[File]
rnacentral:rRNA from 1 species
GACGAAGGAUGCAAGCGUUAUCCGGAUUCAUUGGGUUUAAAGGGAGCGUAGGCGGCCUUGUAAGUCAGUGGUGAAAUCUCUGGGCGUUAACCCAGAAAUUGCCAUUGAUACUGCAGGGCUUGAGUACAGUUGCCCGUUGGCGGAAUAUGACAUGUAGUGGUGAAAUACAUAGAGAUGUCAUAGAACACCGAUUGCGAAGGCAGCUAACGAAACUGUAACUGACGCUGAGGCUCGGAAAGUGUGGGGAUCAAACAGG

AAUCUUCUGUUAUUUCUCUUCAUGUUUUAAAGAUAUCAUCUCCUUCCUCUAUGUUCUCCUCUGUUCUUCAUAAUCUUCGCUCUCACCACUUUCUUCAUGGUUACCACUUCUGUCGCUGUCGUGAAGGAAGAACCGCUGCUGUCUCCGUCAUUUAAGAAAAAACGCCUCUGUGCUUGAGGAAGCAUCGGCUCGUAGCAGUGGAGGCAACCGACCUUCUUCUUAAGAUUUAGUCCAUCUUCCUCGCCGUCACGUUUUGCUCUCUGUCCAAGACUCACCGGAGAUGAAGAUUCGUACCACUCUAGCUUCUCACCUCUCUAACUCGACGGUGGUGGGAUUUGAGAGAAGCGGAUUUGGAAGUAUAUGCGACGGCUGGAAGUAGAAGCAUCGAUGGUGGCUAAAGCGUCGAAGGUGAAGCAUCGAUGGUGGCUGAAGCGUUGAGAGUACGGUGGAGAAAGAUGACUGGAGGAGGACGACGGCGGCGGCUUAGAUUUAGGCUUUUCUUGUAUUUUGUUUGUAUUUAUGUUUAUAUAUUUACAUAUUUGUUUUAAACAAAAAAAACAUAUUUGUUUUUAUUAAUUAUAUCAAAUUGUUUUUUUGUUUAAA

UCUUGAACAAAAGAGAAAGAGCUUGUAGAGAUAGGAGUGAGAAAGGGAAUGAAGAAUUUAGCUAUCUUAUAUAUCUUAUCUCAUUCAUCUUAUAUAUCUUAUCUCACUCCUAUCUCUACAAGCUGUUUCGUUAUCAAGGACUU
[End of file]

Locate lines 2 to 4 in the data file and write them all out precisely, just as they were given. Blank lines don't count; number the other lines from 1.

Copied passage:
GACGAAGGAUGCAAGCGUUAUCCGGAUUCAUUGGGUUUAAAGGGAGCGUAGGCGGCCUUGUAAGUCAGUGGUGAAAUCUCUGGGCGUUAACCCAGAAAUUGCCAUUGAUACUGCAGGGCUUGAGUACAGUUGCCCGUUGGCGGAAUAUGACAUGUAGUGGUGAAAUACAUAGAGAUGUCAUAGAACACCGAUUGCGAAGGCAGCUAACGAAACUGUAACUGACGCUGAGGCUCGGAAAGUGUGGGGAUCAAACAGG

AAUCUUCUGUUAUUUCUCUUCAUGUUUUAAAGAUAUCAUCUCCUUCCUCUAUGUUCUCCUCUGUUCUUCAUAAUCUUCGCUCUCACCACUUUCUUCAUGGUUACCACUUCUGUCGCUGUCGUGAAGGAAGAACCGCUGCUGUCUCCGUCAUUUAAGAAAAAACGCCUCUGUGCUUGAGGAAGCAUCGGCUCGUAGCAGUGGAGGCAACCGACCUUCUUCUUAAGAUUUAGUCCAUCUUCCUCGCCGUCACGUUUUGCUCUCUGUCCAAGACUCACCGGAGAUGAAGAUUCGUACCACUCUAGCUUCUCACCUCUCUAACUCGACGGUGGUGGGAUUUGAGAGAAGCGGAUUUGGAAGUAUAUGCGACGGCUGGAAGUAGAAGCAUCGAUGGUGGCUAAAGCGUCGAAGGUGAAGCAUCGAUGGUGGCUGAAGCGUUGAGAGUACGGUGGAGAAAGAUGACUGGAGGAGGACGACGGCGGCGGCUUAGAUUUAGGCUUUUCUUGUAUUUUGUUUGUAUUUAUGUUUAUAUAUUUACAUAUUUGUUUUAAACAAAAAAAACAUAUUUGUUUUUAUUAAUUAUAUCAAAUUGUUUUUUUGUUUAAA

UCUUGAACAAAAGAGAAAGAGCUUGUAGAGAUAGGAGUGAGAAAGGGAAUGAAGAAUUUAGCUAUCUUAUAUAUCUUAUCUCAUUCAUCUUAUAUAUCUUAUCUCACUCCUAUCUCUACAAGCUGUUUCGUUAUCAAGGACUU